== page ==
Photo by Heather Middleton
By Curt Yeomans
A national retailer, JCPenney, is pulling out of its Southlake Mall location, along with five other JCPenney locations in the eastern half of the country.
The move comes as the company takes steps to shake loose investments in "areas of the business that no longer contribute, meaningfully, to its financial performance," according to a press release issued Monday, by J. C. Penney Company, Inc.
The closures are part of a wider effort to reorganize J. C. Penney Company, Inc., to make it more profitable in the future, the company announced. It is also expected to close two call centers in Michigan, and New Mexico, one Custom Decorating Fabrication facility in California, and reduce, from 525, to 300, of "Custom Decorating" studios. JCPenney also will "wind down" its catalog business, the company announced.
In a written statement, JCPenney Chief Executive Officer, Myron E. Ullman, III, said the company is focusing on "increasing profitability and accelerating our growth," after completing an evaluation of the company's operations, costs and resource allocations.
In addition to the Southlake Mall store, JCPenney announced it will also close the underperforming department store and J. C. Penney Home Store locations in Duluth, Culpeper, Va., Des Moines, Iowa, High Point, N.C., and West Dundee, Ill. The company said the six stores to be closed "no longer meet the company's profitability threshold," and are therefore being shut down.
"It is always difficult to make decisions that impact our associates, and we are committed to treating them fairly," Ullman said. "As we continue to position our Company for the future, we determined that these steps are necessary to capitalize on the growth opportunities we see ahead, while we ensure we are managing costs appropriately, and continually enhancing the profitability of our operations."
JCPenney spokesman, Joey Thomas, said the stores are scheduled to close on June 1. He added that, the most recent information available listed the Southlake Mall location as having 147 employees. He said more information about the liquidation of store merchandise will be released as the closing date nears.
Ken Northrop, the general manager for the JCPenney Southlake Mall store, said store associates were told of the closing on Monday morning. "Right now, we're focusing on helping our associates transition to new careers," Northrop said.
It was not clear Monday how the changes at JCPenney will affect its outlet store, in Forest Park. The company has 19 outlet stores "which carry a significant amount of catalog merchandise," according to a press release from the company. Thomas said the catalogs have been replaced by the company's web site, www.JCPenney.com/, as a way to sell additional merchandise, outside of a traditional department store setting.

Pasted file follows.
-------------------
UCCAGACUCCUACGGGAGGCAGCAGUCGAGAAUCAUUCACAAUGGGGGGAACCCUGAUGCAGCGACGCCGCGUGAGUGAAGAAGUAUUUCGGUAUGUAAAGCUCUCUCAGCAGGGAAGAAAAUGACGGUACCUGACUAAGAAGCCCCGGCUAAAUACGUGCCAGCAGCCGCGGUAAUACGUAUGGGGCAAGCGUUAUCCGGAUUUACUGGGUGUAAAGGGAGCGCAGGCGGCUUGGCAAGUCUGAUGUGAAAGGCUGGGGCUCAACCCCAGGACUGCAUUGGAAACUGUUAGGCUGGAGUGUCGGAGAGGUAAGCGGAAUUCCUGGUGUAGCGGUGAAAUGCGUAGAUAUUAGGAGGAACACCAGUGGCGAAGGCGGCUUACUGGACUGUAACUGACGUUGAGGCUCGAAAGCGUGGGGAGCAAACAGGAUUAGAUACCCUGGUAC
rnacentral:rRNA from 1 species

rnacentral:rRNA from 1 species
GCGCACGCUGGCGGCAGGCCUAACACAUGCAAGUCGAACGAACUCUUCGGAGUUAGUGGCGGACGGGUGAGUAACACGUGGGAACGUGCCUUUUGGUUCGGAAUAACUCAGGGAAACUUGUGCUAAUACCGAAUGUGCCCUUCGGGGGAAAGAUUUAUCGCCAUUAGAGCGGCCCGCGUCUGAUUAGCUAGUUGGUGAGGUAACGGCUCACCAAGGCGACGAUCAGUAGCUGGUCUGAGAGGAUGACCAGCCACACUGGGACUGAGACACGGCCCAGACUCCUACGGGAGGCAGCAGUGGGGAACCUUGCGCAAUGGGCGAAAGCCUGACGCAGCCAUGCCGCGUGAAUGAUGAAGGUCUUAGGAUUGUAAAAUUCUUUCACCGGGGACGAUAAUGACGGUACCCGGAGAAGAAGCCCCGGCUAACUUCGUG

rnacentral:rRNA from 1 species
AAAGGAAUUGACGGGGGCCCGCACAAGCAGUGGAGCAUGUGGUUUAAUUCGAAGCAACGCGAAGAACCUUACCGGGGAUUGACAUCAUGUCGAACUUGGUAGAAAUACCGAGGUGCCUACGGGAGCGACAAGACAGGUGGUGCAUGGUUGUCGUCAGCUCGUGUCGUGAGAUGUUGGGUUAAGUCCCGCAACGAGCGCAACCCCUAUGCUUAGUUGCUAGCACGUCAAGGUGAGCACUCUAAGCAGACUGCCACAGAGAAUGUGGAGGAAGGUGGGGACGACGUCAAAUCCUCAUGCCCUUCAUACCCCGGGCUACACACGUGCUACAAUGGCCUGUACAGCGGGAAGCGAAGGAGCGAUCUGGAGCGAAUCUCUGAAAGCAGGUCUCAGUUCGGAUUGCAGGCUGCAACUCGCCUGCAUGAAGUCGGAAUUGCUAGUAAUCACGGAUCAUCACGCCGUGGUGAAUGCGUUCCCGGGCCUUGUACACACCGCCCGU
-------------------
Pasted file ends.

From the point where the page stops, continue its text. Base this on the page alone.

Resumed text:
As part of its reorganization efforts, the company announced Monday it is "exiting its catalog outlets" as part of the move to shut down its catalog business, but it did not outright say the outlet locations will be closed. That is because, according to Thomas, decisions have not been made about what to do with the properties.
He said each outlet location will be handled on a case-by-case basis, leaving open the possibility that the company could stay in Forest Park. "It may include selling the store to another outlet company, or converting the [outlet] locations to a traditional [JCPenney] department store, or just closing the location," Thomas said.
The closing of JCPenney's Southlake Mall location was not completely unexpected.
Northrop said he did not know the closure was coming, but he was not surprised by the news, because the store's sales have been declining for the past few years. "We had several years where business was less than profitable," he said.
City leaders recently received advance warning that the closing was imminent, though. During a Jan. 14 presentation on economic development in the Southlake Mall area, representatives from the Noell Consulting Group told city leaders to expect the clothing retailer to shut down it's Morrow store.
Noell officials predicted at the time, based on behavior patterns they have seen from JCPenney in the past, the Southlake Mall location would likely close eventually, because the company opened a newer location at the South Point retail and entertainment center, in McDonough, in 2008.
"It's unlikely, that they'll keep two stores that are that close in proximity [to each other]," said Noell Consulting Group Vice-President, David Laube, after the Jan. 14 presentation to city leaders.
Northrop said business at the Southlake Mall location was hit hard by the opening of the store at South Point. "Quite a bit of our business has transferred to that store over the last three years," he said.
JCPenney spokesman, Joey Thomas, said he could not comment on the finances of the Southlake Mall location, when asked about competition from the South Point store.
JCPenney's closure leaves Southlake Mall with only two "anchor" stores - Sears and Macy's. Southlake Mall originally had four "anchor stores," but one spot was left vacant when Macy's and Rich's merged several years ago.
The city has since bought that fourth anchor spot, and converted it into the Morrow Conference Center.
Michael McLaughlin, the planning and economic development director for the City of Morrow, and a spokesperson for Chicago-based General Growth Properties, which owns Southlake Mall, could not be reached for comment.